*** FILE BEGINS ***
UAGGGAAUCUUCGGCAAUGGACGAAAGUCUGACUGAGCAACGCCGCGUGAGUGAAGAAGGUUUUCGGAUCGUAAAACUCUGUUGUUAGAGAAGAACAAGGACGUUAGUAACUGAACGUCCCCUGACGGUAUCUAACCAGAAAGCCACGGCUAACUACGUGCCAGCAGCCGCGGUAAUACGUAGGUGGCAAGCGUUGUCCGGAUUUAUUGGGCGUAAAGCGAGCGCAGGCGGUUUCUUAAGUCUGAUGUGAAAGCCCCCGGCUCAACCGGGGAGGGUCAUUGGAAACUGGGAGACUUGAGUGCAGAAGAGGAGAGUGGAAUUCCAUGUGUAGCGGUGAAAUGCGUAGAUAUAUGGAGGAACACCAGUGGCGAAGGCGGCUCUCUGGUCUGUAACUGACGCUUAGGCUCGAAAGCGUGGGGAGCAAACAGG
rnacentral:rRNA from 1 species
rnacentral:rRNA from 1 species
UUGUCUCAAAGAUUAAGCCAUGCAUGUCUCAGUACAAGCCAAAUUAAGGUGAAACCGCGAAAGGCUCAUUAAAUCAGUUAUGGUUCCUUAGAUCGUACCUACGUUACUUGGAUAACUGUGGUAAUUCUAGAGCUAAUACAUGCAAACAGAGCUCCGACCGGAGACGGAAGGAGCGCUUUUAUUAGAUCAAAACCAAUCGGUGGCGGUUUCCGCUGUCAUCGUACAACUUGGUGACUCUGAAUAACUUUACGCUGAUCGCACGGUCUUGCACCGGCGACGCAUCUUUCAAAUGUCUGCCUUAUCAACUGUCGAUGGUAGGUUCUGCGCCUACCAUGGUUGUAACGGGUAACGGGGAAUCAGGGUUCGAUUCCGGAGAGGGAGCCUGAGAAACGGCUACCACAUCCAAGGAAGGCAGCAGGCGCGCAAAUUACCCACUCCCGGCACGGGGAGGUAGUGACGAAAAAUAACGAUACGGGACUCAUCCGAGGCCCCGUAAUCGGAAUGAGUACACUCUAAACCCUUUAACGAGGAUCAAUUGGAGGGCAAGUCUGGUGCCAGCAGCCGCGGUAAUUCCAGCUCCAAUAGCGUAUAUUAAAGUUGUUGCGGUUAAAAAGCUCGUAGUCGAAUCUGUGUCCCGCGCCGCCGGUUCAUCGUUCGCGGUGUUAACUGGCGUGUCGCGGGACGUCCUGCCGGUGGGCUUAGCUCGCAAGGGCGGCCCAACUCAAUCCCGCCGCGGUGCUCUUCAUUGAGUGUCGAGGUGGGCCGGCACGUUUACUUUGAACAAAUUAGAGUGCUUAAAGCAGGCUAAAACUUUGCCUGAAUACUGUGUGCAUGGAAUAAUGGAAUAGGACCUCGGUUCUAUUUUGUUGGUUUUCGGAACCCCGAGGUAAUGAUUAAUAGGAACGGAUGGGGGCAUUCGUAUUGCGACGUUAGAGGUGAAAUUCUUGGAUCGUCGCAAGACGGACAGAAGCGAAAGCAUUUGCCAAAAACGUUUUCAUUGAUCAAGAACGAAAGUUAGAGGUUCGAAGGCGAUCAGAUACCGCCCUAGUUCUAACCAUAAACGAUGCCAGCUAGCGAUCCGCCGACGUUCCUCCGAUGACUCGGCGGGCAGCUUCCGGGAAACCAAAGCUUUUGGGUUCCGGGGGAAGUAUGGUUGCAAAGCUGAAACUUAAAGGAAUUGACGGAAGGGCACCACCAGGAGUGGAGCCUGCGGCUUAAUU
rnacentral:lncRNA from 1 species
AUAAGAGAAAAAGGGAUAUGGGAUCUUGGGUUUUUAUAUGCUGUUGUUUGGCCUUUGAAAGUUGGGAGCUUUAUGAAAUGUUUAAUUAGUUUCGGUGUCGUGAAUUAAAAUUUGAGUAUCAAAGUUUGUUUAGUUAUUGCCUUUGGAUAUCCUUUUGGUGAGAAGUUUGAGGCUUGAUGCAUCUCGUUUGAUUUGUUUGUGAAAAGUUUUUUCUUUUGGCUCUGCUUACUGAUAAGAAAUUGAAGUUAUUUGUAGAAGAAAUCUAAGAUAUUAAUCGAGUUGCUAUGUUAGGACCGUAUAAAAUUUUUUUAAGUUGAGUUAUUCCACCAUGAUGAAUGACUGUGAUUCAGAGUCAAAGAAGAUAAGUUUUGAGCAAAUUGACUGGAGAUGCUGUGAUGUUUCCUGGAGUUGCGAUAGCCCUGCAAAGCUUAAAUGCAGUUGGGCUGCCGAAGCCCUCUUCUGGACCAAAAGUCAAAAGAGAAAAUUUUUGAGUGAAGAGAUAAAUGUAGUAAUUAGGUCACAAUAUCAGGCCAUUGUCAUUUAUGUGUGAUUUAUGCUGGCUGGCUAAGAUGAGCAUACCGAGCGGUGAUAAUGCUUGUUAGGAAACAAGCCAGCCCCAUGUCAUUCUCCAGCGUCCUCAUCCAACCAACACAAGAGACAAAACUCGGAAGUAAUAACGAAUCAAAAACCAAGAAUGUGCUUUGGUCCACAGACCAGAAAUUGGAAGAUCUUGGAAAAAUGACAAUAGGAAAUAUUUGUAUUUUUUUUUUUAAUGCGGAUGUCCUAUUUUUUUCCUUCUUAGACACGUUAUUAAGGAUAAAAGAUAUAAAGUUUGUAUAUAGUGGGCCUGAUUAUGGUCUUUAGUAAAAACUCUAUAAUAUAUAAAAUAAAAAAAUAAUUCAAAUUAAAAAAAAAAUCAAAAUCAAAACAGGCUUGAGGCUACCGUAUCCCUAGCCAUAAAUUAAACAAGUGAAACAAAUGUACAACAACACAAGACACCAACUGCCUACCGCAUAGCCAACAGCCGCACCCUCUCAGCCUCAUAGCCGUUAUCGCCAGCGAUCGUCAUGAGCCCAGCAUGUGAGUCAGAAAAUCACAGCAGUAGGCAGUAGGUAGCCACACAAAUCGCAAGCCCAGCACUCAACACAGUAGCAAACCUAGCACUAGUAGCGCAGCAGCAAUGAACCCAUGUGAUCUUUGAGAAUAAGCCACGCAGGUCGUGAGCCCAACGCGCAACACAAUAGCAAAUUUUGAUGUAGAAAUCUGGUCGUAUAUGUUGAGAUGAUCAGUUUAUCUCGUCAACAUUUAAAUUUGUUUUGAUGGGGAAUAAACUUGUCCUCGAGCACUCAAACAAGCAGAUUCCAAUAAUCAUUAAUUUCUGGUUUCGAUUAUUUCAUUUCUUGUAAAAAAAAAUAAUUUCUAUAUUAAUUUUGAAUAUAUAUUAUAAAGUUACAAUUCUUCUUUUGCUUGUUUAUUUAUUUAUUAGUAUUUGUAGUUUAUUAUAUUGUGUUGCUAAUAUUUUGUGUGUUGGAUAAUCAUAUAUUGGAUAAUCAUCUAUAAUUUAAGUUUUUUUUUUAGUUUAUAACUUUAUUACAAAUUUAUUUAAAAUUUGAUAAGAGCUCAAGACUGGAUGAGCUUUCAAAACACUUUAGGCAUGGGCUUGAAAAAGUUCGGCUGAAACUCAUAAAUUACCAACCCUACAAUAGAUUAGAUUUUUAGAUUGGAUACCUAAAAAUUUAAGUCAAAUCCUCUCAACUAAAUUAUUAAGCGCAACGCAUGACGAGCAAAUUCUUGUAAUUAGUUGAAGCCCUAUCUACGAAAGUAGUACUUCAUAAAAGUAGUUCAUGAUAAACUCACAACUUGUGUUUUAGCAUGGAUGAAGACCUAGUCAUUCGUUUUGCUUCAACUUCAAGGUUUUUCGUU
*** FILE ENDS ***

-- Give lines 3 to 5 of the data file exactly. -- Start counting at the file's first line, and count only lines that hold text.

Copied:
rnacentral:rRNA from 1 species
UUGUCUCAAAGAUUAAGCCAUGCAUGUCUCAGUACAAGCCAAAUUAAGGUGAAACCGCGAAAGGCUCAUUAAAUCAGUUAUGGUUCCUUAGAUCGUACCUACGUUACUUGGAUAACUGUGGUAAUUCUAGAGCUAAUACAUGCAAACAGAGCUCCGACCGGAGACGGAAGGAGCGCUUUUAUUAGAUCAAAACCAAUCGGUGGCGGUUUCCGCUGUCAUCGUACAACUUGGUGACUCUGAAUAACUUUACGCUGAUCGCACGGUCUUGCACCGGCGACGCAUCUUUCAAAUGUCUGCCUUAUCAACUGUCGAUGGUAGGUUCUGCGCCUACCAUGGUUGUAACGGGUAACGGGGAAUCAGGGUUCGAUUCCGGAGAGGGAGCCUGAGAAACGGCUACCACAUCCAAGGAAGGCAGCAGGCGCGCAAAUUACCCACUCCCGGCACGGGGAGGUAGUGACGAAAAAUAACGAUACGGGACUCAUCCGAGGCCCCGUAAUCGGAAUGAGUACACUCUAAACCCUUUAACGAGGAUCAAUUGGAGGGCAAGUCUGGUGCCAGCAGCCGCGGUAAUUCCAGCUCCAAUAGCGUAUAUUAAAGUUGUUGCGGUUAAAAAGCUCGUAGUCGAAUCUGUGUCCCGCGCCGCCGGUUCAUCGUUCGCGGUGUUAACUGGCGUGUCGCGGGACGUCCUGCCGGUGGGCUUAGCUCGCAAGGGCGGCCCAACUCAAUCCCGCCGCGGUGCUCUUCAUUGAGUGUCGAGGUGGGCCGGCACGUUUACUUUGAACAAAUUAGAGUGCUUAAAGCAGGCUAAAACUUUGCCUGAAUACUGUGUGCAUGGAAUAAUGGAAUAGGACCUCGGUUCUAUUUUGUUGGUUUUCGGAACCCCGAGGUAAUGAUUAAUAGGAACGGAUGGGGGCAUUCGUAUUGCGACGUUAGAGGUGAAAUUCUUGGAUCGUCGCAAGACGGACAGAAGCGAAAGCAUUUGCCAAAAACGUUUUCAUUGAUCAAGAACGAAAGUUAGAGGUUCGAAGGCGAUCAGAUACCGCCCUAGUUCUAACCAUAAACGAUGCCAGCUAGCGAUCCGCCGACGUUCCUCCGAUGACUCGGCGGGCAGCUUCCGGGAAACCAAAGCUUUUGGGUUCCGGGGGAAGUAUGGUUGCAAAGCUGAAACUUAAAGGAAUUGACGGAAGGGCACCACCAGGAGUGGAGCCUGCGGCUUAAUU
rnacentral:lncRNA from 1 species